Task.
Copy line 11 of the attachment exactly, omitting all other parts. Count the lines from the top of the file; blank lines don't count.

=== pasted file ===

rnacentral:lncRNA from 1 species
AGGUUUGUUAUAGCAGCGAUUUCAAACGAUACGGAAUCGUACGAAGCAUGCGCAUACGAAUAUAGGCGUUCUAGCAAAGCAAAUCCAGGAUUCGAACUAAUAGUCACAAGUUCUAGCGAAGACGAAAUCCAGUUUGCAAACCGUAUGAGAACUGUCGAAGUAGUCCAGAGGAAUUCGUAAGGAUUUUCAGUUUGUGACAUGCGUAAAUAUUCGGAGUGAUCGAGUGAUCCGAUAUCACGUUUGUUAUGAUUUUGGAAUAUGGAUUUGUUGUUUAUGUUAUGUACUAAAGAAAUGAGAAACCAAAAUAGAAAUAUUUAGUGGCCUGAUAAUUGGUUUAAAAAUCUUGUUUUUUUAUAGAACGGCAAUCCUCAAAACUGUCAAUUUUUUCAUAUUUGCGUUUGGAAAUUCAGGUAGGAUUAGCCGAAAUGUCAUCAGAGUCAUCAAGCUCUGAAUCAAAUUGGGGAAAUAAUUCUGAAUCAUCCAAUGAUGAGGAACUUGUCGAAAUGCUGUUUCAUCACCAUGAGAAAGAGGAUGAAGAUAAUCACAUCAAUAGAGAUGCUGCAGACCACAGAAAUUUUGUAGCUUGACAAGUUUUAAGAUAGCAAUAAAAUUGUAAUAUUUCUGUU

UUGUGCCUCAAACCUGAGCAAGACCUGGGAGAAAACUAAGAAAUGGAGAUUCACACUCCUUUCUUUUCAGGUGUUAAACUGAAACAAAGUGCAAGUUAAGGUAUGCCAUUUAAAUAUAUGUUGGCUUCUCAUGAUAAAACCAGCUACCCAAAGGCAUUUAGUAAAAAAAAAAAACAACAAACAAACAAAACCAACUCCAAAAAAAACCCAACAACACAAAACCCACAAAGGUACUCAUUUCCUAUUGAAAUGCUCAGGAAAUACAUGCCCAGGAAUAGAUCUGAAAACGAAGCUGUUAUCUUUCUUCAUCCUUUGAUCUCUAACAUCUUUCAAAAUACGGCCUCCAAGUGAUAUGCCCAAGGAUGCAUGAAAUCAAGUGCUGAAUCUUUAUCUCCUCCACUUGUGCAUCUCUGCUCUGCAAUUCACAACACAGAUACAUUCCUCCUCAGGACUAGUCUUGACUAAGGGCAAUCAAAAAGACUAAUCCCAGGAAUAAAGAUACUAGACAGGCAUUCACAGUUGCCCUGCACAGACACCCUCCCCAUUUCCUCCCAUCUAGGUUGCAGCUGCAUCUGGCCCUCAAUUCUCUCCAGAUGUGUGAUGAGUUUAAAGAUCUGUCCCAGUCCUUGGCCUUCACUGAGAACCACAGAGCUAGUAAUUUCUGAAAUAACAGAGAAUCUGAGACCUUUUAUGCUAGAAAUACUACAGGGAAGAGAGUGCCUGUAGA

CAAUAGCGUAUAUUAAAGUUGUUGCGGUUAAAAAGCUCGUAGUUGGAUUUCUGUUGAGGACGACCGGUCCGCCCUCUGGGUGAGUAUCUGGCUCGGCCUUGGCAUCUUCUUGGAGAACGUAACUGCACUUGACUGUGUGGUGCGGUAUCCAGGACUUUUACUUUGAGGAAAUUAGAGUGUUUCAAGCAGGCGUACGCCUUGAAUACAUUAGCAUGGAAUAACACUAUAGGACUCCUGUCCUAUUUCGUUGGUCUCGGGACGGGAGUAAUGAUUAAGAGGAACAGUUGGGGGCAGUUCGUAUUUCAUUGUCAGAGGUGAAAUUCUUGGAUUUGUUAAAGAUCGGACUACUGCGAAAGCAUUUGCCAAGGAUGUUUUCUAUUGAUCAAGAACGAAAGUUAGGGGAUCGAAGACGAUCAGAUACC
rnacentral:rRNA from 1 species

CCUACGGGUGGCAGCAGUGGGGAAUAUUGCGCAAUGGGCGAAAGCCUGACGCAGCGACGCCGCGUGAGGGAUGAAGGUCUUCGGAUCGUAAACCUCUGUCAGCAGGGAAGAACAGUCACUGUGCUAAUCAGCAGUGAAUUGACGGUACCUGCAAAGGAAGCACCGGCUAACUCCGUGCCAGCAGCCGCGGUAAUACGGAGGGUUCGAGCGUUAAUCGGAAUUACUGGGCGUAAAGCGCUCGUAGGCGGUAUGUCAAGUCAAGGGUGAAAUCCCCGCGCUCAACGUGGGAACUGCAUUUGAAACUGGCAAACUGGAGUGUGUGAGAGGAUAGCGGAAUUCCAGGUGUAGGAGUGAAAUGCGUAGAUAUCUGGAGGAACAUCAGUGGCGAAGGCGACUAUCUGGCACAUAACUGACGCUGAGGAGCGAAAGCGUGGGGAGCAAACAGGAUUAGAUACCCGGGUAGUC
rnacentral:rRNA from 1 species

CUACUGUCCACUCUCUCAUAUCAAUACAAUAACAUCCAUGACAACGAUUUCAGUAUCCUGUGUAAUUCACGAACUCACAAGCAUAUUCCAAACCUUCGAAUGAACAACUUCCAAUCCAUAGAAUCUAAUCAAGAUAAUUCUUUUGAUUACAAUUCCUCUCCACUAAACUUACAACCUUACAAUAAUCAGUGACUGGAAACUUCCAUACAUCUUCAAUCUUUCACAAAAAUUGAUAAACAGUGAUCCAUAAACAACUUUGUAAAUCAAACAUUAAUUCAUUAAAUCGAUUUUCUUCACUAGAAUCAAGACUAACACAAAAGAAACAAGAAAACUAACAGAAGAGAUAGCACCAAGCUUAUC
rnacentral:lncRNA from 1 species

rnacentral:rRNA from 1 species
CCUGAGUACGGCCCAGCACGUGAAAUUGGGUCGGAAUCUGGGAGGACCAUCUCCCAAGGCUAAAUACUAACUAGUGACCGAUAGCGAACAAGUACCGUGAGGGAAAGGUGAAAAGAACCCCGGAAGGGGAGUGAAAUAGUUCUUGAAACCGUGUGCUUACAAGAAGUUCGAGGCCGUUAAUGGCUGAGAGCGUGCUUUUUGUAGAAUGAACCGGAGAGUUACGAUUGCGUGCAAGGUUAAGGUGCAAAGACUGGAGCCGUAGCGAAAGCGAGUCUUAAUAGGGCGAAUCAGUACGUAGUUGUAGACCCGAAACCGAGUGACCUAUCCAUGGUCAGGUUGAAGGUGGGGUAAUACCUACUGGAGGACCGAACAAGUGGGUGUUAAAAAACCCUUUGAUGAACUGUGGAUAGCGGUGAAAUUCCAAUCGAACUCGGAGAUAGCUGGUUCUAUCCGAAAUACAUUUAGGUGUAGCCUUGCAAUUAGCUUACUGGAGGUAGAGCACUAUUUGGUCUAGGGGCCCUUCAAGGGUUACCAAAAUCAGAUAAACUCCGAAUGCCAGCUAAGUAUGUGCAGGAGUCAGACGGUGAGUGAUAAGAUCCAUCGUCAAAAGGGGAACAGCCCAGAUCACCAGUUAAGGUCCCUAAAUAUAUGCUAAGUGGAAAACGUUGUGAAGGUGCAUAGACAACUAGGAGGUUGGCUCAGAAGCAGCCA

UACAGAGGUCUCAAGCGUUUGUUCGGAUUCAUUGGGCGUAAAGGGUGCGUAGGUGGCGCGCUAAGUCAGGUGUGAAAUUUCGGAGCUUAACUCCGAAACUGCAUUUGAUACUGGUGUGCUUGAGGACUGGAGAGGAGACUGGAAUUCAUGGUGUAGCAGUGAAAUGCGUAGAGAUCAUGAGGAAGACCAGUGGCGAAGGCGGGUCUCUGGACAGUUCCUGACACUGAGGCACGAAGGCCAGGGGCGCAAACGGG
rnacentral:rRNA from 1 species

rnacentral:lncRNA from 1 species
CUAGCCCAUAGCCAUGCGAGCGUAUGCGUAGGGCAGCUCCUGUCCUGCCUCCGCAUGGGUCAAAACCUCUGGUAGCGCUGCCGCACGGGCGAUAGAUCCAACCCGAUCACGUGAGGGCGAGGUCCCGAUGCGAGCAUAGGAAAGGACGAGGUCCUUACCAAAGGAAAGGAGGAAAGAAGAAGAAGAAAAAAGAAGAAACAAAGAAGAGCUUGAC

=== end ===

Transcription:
CCUGAGUACGGCCCAGCACGUGAAAUUGGGUCGGAAUCUGGGAGGACCAUCUCCCAAGGCUAAAUACUAACUAGUGACCGAUAGCGAACAAGUACCGUGAGGGAAAGGUGAAAAGAACCCCGGAAGGGGAGUGAAAUAGUUCUUGAAACCGUGUGCUUACAAGAAGUUCGAGGCCGUUAAUGGCUGAGAGCGUGCUUUUUGUAGAAUGAACCGGAGAGUUACGAUUGCGUGCAAGGUUAAGGUGCAAAGACUGGAGCCGUAGCGAAAGCGAGUCUUAAUAGGGCGAAUCAGUACGUAGUUGUAGACCCGAAACCGAGUGACCUAUCCAUGGUCAGGUUGAAGGUGGGGUAAUACCUACUGGAGGACCGAACAAGUGGGUGUUAAAAAACCCUUUGAUGAACUGUGGAUAGCGGUGAAAUUCCAAUCGAACUCGGAGAUAGCUGGUUCUAUCCGAAAUACAUUUAGGUGUAGCCUUGCAAUUAGCUUACUGGAGGUAGAGCACUAUUUGGUCUAGGGGCCCUUCAAGGGUUACCAAAAUCAGAUAAACUCCGAAUGCCAGCUAAGUAUGUGCAGGAGUCAGACGGUGAGUGAUAAGAUCCAUCGUCAAAAGGGGAACAGCCCAGAUCACCAGUUAAGGUCCCUAAAUAUAUGCUAAGUGGAAAACGUUGUGAAGGUGCAUAGACAACUAGGAGGUUGGCUCAGAAGCAGCCA